Hughesy, it's okay to leave

19 March 2010 | 14:00 - By SBS Sport

You don't get many opportunities in Test cricket, something Australia opening batsman Philip Hughes needs to learn.

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That's out... Philip Hughes watches his ill-advised slash outside off stump fly to first slip [GETTY]

It has been a tough initiation to Test cricket for Philip Hughes, and his detractors will be out in force again after his latest failure when stepping in for the injured Shane Watson for the first Test against New Zealand in Wellington.

Hughes looked reasonably comfortable, racing to 20 from 23 balls, before playing a dreadful shot at a wide delivery and being caught at first slip by Ross Taylor off Brent Arnel, who was bowling his first over in a Test match.

Actually, the word dreadful is an understatement.

Arnel's delivery pitched on off stump and moved sharply away towards the three slips and gully. For a Test opening batsman early in the first session of the first day, it was a regulation leave.

Instead, Hughes's front foot made its customary first movement towards the leg side, and he took an unbalanced, reaching swipe at the away-swinging ball.

People might say 'but that's Hughes's game'. 'He's the swashbuckling type who loves smashing the ball through the off side.'

Yes, he should play his natural game, but there is also the responsibility of a Test opening batsman to see the new ball off, especially on what was a decent pitch against a tepid bowling attack.

Often in Test cricket the shots you leave are as important as the ones you play, and if "PH408" was still updating his Twitter account, he may have quipped "Hmmm... shoulda left that one!!!!"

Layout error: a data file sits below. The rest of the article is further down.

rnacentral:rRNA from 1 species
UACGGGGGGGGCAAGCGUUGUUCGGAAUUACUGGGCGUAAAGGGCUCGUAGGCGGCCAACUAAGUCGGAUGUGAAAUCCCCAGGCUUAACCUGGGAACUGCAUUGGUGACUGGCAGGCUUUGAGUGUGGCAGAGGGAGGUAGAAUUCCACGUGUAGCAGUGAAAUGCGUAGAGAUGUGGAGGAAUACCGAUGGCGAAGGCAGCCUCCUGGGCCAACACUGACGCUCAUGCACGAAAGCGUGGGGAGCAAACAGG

Seen as the heir to the Langer/Hayden era after his breakout domestic season in 2007-08, Hughes made a duck on Test debut against South Africa at The Wanderers in February 2009.

However he followed that up with a top score of 75 in the second innings, and two centuries (115 and 160) in his two digs of the second Test. The boy from Macksville had booked his ticket to England for his first Ashes tour, aged 20.

Hughes played just three innings of Australia's losing Ashes series, where he was crudely found out by some menacing short stuff from Andrew Flintoff. The stunning emergence of Shane Watson as an opening batsman followed, and Hughes found himself on the outer less than 12 months after his Test debut.

An injury to Simon Katich saw Hughes return to the Test side for the New Year's Test against Pakistan at the SCG. The 21-year-old should have been out caught off the first ball of the match, had it not been for the hard hands of Umar Akmal at gully.

But Mohammed Sami would get his man, and Hughes eventually departed for an ugly 10-ball duck, caught at second slip, before playing the anchor role with 37 from 83 balls in his second innings.

Watson's recent injury gave Hughes another chance at the Basin Reserve this morning – one that the young batsman threw away after getting a decent start.

It is likely Watson will return for the second Test in Hamilton next week so, barring further injury in the Australia batting department, Hughes has one more opportunity to show Australia selectors and fans that he can cut it at the top.

I'm a fan of Hughes and feel he needs to be a part Australia's Test cricket future. I just hope he can learn to leave when it's necessary.


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Comments (3)

07 May 2011 18:27 AEST

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26 Mar 2010 9:44 AEST

Chris Wang

From: Sydney

Re: Hughsey

Peter, yes, you can't argue with 86 from 75 balls to win a Test match. Full credit to Hughes for stepping up and continuing to play his shots. Although it was an exciting innings I still think it was a little scratchy, and it will be interesting to see what happens if Hughes has to step in against Pakistan or England later this year.

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25 Mar 2010 13:13 AEST

Peter Schmidt

From: New Zealand

Hughsey

I don't see further comments after his swashbuckler in the 2nd dig to win it for Oz. He plays it the way he sees it. I seem to remember Michael Slater had the same detractors when it didn't come off. He still won a truckload of games for Oz by giving the team the extra time to defeat the opposition.

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